Sunday, 27 April 2014

porter take 1

Doing science all day and talking about science in this blog can get a bit repetitive. But luckily I have a hobby to rest my mind, which takes the form of homebrewing beer (only on extract at the minute). I dabbled a bit before and am now continuing to dabble after my move to Glasgow. My first 'new' homebrew experience is making a porter-like beer (maybe on the 'robust' side), which in my head was a 'less-smooth' stout. You can read the exact description here. This was actually brewed for a friend of mine's birthday in April..

Below is the recipe I followed: and results.

Virology, science, scicomm and life


Vincent Racaniello posts an intrigueing question over at Virology blog and debate ensures. What are your thoughts? why do some viruses have a segmented genome? measles versus influenza

A recent study published in the lancet looked at what viruses might be causing CNS disease in African malaria-endemic regions not big surprise that mumps virus appeared to be a big cause (also lethal) - no mumps vaccination there. But major result of this paper is that in >2/3s patients we have no idea what caused disease. Unknown viruses anyone?

": For those interested in innate immunity, read this article: " and virus! This paper looked at what RNA sequences were being recognised in measles virus-infected cells. Showed bias towards A/U-rich regions of the L gene mRNA.

PLoS published a nice short look at RSV pathogenesis and potential for vaccine design highlighting many of the issues with RSV regions but also showed where research could lead to, including new vaccines.

GAVI outlined their plans to expand impact of vaccines by 2020

More infographics. Measles infographics. I like these but think asymptomatic cases change it  I wouldlike more complicated infographics..

China and the SARS Epidemic, what was learned in ten years? Applicable to SA and MERS situation  An important history lesson if the Saudi Health Ministry are reading. But then there are also science issues: Why can't we predict evolution of MERS? Poor understanding of virus fitness. What constraints are acting?

'Don’t worry, I’m not contagious' – and other microbiological delusions are discussed in this insightful piece

it's about the little things - new virology blog. I follow the author but can't remember who... Help?  Turns out it was Mike Nicholl. Go read it. It's very good. 

For some reason I got interested n fruit bats and the Niger river in west Africa... Fruit bat annual migrations in west Africa re seasons  What links west Africa? The Niger River of course.

Other science

The Independant reported How a genetic disease was cured in an adult for the first time thi was using CRISPR/Cas9 technology. This was also done using adult MICE and high-powered injections.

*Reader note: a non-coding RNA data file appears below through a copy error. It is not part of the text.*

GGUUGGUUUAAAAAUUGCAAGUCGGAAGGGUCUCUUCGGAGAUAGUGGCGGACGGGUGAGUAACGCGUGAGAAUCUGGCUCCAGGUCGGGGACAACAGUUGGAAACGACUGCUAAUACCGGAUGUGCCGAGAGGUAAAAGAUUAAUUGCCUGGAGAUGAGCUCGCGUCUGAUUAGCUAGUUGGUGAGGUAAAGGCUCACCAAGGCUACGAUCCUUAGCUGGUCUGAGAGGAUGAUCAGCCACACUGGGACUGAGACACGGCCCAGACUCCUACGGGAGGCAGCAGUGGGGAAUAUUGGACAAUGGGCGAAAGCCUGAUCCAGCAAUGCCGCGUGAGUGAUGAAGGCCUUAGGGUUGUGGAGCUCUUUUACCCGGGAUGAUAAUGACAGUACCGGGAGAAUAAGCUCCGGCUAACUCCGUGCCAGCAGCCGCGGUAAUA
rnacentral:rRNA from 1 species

The varieties of peer review: by via  . Where do you want to fit in?

Defectivebrayne did a video summary of the last paper about the designer synthetic yeast chromosome: . This is very good and informative and capturesmany of the points that were discussed at that session. 

life in general

Finally made it to Glasgow brewdog. Working my way down the list  - and then went again that week. Some great beers on showcase there.

Wednesday, 16 April 2014

Negatively regulating cell tropism modulates viral pathogenesis

I seem to keep saying this but it's good to have in mind: viruses are obligate intracellular parasites. They infect cells and this is what allows them to replicate and persist (and evolve) in the environment. What cells these viruses infect helps dictate how they infect and importantly, how they cause disease. The process of causing disease is known as pathogenesis and is the subject of this post. Knowing what cells a virus infects - and how they infect the cells - provides an understanding of basic virus biology and may influence the development of new antiviral treatments and vaccine design and implementation. Of course this isn't the only factor influencing viral infection, pathogenesis and transmission but it's a pretty major one and it's one factor that I have articulated interest in during and after my formative PhD years. 
a reconstruction of prototypical alphavirus particle (Sindbis virus)

I have always felt (probably simplistically) that a virus actively chooses what cells to infect. Viruses evolve and adapt to particular host factors that allow it to enter, replicate in and assemble new infectious particles, which carry on the infectious cycle. On the scale of a human body, a virus might have adapted to infect epithelial cells lining your respiratory tract to allow initial infection, it might infect lymphocytes allowing modulation of systemic immunity, which may also provide the virus with access to tissues around the body that can lead to a large boost in replication facilitating virus excretion and transmission. Each one of these steps,in my head, the virus has chosen to infect. But what if a virus chooses not to infect a certain cell type, or at least limit replication. This is something I have not considered before. That was until I read this paper out recently. Not open access sadly: